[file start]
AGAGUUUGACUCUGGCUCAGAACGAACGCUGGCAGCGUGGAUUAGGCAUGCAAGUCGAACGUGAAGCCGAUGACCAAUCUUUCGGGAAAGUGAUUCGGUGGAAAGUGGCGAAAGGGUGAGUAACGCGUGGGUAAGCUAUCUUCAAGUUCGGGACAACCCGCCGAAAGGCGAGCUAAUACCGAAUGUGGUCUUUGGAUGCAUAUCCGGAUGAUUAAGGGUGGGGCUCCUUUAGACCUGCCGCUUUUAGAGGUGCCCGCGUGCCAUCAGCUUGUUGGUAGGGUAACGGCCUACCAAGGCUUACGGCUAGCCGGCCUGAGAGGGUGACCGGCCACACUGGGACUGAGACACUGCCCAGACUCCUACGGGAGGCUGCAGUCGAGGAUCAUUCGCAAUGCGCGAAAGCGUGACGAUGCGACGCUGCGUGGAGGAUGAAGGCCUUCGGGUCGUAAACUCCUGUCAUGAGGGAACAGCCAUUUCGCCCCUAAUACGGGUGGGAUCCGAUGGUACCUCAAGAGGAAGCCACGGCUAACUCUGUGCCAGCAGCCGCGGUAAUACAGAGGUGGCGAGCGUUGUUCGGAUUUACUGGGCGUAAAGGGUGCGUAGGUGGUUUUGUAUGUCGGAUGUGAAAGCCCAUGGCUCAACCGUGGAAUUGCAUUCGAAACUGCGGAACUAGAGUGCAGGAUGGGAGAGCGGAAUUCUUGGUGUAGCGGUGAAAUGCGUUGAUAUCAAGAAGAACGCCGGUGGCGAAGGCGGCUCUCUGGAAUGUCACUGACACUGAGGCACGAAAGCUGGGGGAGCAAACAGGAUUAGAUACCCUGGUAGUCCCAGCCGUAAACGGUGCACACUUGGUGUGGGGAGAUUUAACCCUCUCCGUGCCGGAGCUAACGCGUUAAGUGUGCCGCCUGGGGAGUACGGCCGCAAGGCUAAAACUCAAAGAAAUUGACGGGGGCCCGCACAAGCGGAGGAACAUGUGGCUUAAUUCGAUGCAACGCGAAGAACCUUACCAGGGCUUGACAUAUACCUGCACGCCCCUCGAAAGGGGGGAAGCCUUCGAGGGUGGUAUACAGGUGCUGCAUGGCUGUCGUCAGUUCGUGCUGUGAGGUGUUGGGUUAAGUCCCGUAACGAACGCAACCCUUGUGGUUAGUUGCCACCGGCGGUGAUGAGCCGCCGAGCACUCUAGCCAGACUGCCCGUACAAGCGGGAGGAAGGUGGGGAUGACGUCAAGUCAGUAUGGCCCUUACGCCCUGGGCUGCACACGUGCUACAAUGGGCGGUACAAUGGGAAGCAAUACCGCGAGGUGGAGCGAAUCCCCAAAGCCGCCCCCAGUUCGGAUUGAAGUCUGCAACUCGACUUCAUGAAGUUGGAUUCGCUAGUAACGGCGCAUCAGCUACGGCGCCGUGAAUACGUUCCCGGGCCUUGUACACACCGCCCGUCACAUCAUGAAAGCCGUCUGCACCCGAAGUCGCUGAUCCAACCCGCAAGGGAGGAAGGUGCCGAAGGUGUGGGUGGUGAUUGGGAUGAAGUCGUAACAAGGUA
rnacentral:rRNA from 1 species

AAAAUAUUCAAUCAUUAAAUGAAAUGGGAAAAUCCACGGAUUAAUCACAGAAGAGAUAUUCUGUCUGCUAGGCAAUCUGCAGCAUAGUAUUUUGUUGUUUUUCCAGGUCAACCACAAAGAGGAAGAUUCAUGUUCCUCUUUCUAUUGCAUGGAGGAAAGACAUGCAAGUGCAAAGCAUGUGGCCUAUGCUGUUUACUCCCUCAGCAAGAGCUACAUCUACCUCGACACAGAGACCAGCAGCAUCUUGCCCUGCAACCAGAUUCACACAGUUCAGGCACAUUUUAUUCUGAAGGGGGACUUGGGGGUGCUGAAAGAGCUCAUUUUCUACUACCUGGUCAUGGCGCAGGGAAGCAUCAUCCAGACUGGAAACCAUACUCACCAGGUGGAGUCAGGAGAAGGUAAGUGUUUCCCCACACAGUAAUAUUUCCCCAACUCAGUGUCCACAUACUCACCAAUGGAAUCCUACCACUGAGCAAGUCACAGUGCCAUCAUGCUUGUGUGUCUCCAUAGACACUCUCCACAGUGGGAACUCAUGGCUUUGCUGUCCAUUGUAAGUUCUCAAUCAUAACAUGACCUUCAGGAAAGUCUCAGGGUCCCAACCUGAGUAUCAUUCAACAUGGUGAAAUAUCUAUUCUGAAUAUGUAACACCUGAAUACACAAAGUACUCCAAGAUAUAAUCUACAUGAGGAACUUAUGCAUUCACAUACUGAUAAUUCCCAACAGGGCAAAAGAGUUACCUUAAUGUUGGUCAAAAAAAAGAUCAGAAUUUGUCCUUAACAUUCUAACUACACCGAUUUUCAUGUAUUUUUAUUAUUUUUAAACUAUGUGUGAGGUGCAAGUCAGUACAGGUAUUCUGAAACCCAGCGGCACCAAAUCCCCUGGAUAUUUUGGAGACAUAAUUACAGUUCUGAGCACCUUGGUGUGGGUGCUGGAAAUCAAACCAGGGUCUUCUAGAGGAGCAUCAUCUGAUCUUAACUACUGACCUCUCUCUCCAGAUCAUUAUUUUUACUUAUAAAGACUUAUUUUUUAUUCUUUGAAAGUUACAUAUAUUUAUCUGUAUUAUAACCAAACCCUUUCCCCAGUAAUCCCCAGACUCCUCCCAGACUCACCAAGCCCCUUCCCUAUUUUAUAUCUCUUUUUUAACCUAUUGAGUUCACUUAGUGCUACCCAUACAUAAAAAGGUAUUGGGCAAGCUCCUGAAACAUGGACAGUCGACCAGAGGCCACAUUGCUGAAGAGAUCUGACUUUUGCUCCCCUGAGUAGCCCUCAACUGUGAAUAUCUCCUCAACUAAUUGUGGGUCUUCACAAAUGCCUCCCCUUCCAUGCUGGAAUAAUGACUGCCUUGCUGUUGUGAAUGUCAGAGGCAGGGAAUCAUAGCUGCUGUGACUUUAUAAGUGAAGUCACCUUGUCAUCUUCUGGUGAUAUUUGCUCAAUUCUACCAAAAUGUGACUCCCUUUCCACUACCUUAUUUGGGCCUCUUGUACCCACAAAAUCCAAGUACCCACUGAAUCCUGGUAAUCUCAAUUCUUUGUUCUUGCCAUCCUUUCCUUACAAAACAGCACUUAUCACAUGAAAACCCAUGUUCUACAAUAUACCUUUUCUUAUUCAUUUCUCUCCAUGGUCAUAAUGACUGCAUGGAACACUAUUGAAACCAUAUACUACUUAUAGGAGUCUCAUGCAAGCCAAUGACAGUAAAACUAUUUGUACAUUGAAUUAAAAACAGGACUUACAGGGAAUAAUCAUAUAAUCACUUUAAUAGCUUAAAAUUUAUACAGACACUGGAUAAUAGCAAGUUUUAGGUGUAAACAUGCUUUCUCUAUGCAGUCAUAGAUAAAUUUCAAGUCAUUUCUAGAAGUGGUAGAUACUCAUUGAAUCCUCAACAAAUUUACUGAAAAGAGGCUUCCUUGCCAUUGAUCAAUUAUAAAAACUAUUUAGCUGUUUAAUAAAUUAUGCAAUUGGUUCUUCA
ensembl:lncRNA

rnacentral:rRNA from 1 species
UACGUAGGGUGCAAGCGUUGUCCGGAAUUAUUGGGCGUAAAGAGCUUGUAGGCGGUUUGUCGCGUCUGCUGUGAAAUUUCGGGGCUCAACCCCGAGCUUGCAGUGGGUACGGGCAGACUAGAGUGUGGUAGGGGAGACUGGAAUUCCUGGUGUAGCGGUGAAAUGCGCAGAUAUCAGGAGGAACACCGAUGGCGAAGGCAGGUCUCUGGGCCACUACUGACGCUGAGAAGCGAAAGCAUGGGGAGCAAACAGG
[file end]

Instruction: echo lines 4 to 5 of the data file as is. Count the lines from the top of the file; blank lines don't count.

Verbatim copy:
ensembl:lncRNA

rnacentral:rRNA from 1 species